How tech companies are eliminating bias and equipping DEI initiatives

Technology and financial companies are not known for their diversity. According to the Pew Research Center, STEM fields show a slow progression towards greater diversity, lagging behind other industries.

While many companies (across industries) have made DEI a priority, few have understood the rigorous changes that must occur to achieve the goals. Diversity, equity and inclusion will only happen if companies review their processes, leverage technology and create business models with DEI in mind.

A few companies are using technology to create more diverse, fair and inclusive work environments. Technology is getting smarter every day and leaders have learned how to leverage technology in decision-making processes. In the fintech sector, companies have introduced artificial intelligence (AI) and machine learning to level the playing field in terms of financial and technological access. This technology helps companies reach historically underserved communities with the financial and technological resources they need to promote equal opportunity.

Here’s how three leading tech companies I follow and respect are leveraging technology to bolster DEI’s efforts.


One of the best ways to fix a widespread problem is to make changes at the base and move forward. Unequal access to essential technologies and services is one of the challenges driving inequality in the financial sector. According to a report by the Global Findex database, 1.7 billion adults worldwide do not have access to financial or payment accounts. Without access to necessary financial management services and technology, these adults are limited in their options for financial management and security.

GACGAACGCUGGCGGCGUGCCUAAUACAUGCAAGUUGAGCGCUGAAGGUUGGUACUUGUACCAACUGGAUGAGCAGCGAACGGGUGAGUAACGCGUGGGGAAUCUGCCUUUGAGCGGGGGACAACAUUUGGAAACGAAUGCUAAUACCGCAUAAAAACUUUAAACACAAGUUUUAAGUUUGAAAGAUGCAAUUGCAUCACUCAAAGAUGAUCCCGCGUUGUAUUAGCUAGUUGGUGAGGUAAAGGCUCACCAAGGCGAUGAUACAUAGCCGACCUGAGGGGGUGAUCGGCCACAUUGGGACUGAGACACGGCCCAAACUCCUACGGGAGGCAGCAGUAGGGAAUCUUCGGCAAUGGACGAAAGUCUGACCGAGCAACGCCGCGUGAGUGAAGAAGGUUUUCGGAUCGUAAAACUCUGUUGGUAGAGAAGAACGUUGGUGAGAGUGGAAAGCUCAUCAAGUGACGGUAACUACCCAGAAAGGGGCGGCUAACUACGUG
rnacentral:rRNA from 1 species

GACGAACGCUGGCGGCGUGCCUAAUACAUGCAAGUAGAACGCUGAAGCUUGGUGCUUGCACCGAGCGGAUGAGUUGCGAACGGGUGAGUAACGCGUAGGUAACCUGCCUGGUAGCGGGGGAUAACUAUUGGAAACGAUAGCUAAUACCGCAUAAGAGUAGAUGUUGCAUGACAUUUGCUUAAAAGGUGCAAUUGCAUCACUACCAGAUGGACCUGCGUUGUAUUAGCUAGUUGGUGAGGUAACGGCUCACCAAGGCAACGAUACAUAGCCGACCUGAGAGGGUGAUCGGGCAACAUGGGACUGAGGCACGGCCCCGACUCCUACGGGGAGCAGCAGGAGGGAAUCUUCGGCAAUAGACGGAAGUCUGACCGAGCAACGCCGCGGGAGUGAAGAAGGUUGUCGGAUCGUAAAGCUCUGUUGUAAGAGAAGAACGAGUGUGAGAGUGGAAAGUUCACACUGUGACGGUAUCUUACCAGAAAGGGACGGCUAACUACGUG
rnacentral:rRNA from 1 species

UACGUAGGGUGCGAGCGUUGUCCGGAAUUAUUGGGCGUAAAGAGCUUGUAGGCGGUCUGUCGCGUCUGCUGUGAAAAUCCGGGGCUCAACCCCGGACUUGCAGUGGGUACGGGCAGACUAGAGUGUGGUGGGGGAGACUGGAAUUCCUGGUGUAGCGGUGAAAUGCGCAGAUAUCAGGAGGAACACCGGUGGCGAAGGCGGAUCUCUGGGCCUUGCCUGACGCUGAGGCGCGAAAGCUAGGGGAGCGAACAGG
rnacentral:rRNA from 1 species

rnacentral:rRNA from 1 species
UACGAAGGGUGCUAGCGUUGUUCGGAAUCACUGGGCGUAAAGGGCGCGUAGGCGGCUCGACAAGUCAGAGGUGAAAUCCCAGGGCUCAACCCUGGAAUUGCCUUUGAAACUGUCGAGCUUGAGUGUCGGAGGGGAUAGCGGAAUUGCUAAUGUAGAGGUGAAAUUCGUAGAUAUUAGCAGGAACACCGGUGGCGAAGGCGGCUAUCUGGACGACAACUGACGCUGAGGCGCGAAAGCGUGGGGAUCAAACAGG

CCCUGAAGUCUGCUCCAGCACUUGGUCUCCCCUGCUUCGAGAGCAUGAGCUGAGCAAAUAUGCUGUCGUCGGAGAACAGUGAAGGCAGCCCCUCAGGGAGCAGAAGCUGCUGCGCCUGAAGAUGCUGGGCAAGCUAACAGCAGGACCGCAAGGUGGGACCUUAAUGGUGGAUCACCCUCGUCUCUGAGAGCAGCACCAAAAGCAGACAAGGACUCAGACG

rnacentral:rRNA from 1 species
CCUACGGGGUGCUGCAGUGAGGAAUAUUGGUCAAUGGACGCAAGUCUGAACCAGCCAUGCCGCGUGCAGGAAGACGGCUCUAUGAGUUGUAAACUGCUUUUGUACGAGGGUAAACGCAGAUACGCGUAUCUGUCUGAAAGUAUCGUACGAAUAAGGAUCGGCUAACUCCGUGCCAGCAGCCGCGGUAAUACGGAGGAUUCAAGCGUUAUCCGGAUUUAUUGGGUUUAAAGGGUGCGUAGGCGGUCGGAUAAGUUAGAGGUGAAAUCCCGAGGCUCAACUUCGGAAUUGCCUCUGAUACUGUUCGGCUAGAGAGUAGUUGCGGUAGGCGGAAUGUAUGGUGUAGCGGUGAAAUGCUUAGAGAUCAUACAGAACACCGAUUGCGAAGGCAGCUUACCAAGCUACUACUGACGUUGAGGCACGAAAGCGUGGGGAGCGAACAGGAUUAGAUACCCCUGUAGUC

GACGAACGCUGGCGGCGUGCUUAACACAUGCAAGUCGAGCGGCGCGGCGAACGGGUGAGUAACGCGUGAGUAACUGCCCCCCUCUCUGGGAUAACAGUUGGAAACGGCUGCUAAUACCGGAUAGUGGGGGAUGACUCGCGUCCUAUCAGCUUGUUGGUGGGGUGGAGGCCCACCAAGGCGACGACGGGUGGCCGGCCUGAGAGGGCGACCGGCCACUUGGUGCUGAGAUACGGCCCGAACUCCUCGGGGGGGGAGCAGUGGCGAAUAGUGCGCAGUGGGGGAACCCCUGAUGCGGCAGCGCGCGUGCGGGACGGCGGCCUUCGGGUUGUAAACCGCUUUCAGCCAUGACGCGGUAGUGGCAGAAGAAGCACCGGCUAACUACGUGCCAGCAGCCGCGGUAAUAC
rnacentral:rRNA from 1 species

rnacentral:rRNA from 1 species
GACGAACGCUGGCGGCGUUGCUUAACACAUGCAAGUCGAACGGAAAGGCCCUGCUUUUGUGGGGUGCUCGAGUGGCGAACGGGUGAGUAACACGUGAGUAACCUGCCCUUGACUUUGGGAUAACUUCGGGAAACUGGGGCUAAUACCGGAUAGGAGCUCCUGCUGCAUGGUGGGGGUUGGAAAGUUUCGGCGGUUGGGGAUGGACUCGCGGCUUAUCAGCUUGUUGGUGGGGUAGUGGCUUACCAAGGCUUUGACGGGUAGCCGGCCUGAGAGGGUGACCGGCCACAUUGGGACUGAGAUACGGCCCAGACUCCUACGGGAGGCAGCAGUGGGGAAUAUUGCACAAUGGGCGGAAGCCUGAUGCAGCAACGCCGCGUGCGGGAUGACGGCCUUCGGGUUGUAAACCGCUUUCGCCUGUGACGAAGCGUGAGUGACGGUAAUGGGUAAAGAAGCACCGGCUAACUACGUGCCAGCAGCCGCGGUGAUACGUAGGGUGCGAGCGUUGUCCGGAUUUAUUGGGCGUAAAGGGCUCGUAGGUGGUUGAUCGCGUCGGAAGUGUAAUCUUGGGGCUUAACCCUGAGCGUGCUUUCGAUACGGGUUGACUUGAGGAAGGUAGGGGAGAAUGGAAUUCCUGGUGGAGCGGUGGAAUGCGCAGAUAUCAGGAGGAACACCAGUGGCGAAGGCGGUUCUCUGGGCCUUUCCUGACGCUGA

Leading fintech company FIS has gotten to the root of the problem and created a banking product that helps underserved communities access critical financial advice, information and services. The company has helped other banking and financial institutions launch Greenwood, a platform designed to provide banking services to Black and Latino individuals and business owners.

The FIS started from scratch to build a fairer financial system. They’ve invested $150 million to support new ventures and created a fintech accelerator in Arkansas designed to open doors for diverse creators and partners. The organization’s technology was designed to promote DEI, and they intentionally leveraged their service to benefit historically underserved minority communities.


Since the invention of AI, people have wondered about the consequences or challenges that can arise from such advanced technology. Specifically, if AI is created by people – all of whom have inherent biases – will machine learning technology embody those biases as well? This is an essential question that financial and technology companies should ask themselves.

The root of this problem is trust. Can consumers be sure that tech leaders are looking out for their best interests and combating bias where it may already exist? That’s the question ATB Ventures, an innovation lab I’ve followed for years, asks as it evaluates AI.